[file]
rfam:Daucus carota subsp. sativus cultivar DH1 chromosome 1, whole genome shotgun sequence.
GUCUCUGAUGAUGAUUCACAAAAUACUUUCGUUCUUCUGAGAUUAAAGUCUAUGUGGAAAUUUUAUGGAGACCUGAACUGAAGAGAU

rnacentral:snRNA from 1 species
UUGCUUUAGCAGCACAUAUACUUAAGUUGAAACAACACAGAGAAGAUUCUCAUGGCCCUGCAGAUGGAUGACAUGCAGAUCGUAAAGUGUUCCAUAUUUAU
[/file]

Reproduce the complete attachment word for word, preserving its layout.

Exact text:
rfam:Daucus carota subsp. sativus cultivar DH1 chromosome 1, whole genome shotgun sequence.
GUCUCUGAUGAUGAUUCACAAAAUACUUUCGUUCUUCUGAGAUUAAAGUCUAUGUGGAAAUUUUAUGGAGACCUGAACUGAAGAGAU

rnacentral:snRNA from 1 species
UUGCUUUAGCAGCACAUAUACUUAAGUUGAAACAACACAGAGAAGAUUCUCAUGGCCCUGCAGAUGGAUGACAUGCAGAUCGUAAAGUGUUCCAUAUUUAU